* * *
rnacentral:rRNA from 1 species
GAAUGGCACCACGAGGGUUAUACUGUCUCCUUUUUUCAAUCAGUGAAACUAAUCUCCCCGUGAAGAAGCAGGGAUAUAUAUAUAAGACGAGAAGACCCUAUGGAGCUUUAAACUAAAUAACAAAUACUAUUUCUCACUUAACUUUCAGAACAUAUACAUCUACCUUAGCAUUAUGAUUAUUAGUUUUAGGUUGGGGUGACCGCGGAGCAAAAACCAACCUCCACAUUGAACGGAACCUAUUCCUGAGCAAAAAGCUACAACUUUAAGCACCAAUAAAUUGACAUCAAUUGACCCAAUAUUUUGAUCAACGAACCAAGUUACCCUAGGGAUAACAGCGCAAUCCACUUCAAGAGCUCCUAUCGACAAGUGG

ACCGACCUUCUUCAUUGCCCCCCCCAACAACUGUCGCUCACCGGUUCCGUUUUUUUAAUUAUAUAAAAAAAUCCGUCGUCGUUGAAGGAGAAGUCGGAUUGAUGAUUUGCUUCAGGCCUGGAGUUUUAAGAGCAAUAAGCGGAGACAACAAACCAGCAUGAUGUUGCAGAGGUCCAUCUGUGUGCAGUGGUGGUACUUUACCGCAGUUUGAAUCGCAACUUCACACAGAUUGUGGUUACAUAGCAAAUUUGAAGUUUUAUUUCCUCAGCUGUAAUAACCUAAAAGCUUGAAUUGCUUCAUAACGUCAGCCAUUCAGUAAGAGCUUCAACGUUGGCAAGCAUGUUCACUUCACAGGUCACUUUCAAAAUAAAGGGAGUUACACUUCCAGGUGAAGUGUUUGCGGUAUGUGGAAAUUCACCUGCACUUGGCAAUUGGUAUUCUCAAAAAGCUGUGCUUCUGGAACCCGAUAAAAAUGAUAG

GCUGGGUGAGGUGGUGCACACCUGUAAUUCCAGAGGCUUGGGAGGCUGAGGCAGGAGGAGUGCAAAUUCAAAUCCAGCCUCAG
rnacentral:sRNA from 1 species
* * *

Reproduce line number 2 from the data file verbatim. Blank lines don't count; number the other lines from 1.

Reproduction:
GAAUGGCACCACGAGGGUUAUACUGUCUCCUUUUUUCAAUCAGUGAAACUAAUCUCCCCGUGAAGAAGCAGGGAUAUAUAUAUAAGACGAGAAGACCCUAUGGAGCUUUAAACUAAAUAACAAAUACUAUUUCUCACUUAACUUUCAGAACAUAUACAUCUACCUUAGCAUUAUGAUUAUUAGUUUUAGGUUGGGGUGACCGCGGAGCAAAAACCAACCUCCACAUUGAACGGAACCUAUUCCUGAGCAAAAAGCUACAACUUUAAGCACCAAUAAAUUGACAUCAAUUGACCCAAUAUUUUGAUCAACGAACCAAGUUACCCUAGGGAUAACAGCGCAAUCCACUUCAAGAGCUCCUAUCGACAAGUGG